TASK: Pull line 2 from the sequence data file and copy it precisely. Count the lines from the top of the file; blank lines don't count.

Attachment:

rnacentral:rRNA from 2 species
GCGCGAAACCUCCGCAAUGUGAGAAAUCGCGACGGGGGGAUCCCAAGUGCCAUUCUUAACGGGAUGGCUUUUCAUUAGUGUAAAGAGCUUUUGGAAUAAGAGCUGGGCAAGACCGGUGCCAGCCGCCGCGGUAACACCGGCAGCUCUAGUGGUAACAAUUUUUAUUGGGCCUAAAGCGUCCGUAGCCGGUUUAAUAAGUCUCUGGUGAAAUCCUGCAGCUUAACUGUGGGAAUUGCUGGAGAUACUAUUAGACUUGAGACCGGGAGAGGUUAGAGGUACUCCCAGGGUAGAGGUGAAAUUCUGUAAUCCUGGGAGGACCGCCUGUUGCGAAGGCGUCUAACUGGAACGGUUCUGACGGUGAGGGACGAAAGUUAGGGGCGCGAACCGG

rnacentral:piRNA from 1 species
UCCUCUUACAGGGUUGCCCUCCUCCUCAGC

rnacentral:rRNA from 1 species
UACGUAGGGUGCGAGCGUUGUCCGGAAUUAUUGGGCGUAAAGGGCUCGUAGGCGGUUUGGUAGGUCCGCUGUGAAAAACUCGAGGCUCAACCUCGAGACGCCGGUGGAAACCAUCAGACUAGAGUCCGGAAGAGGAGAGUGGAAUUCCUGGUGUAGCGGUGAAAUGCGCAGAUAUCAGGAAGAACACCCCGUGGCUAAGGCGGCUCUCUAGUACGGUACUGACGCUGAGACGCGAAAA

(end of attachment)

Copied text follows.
GCGCGAAACCUCCGCAAUGUGAGAAAUCGCGACGGGGGGAUCCCAAGUGCCAUUCUUAACGGGAUGGCUUUUCAUUAGUGUAAAGAGCUUUUGGAAUAAGAGCUGGGCAAGACCGGUGCCAGCCGCCGCGGUAACACCGGCAGCUCUAGUGGUAACAAUUUUUAUUGGGCCUAAAGCGUCCGUAGCCGGUUUAAUAAGUCUCUGGUGAAAUCCUGCAGCUUAACUGUGGGAAUUGCUGGAGAUACUAUUAGACUUGAGACCGGGAGAGGUUAGAGGUACUCCCAGGGUAGAGGUGAAAUUCUGUAAUCCUGGGAGGACCGCCUGUUGCGAAGGCGUCUAACUGGAACGGUUCUGACGGUGAGGGACGAAAGUUAGGGGCGCGAACCGG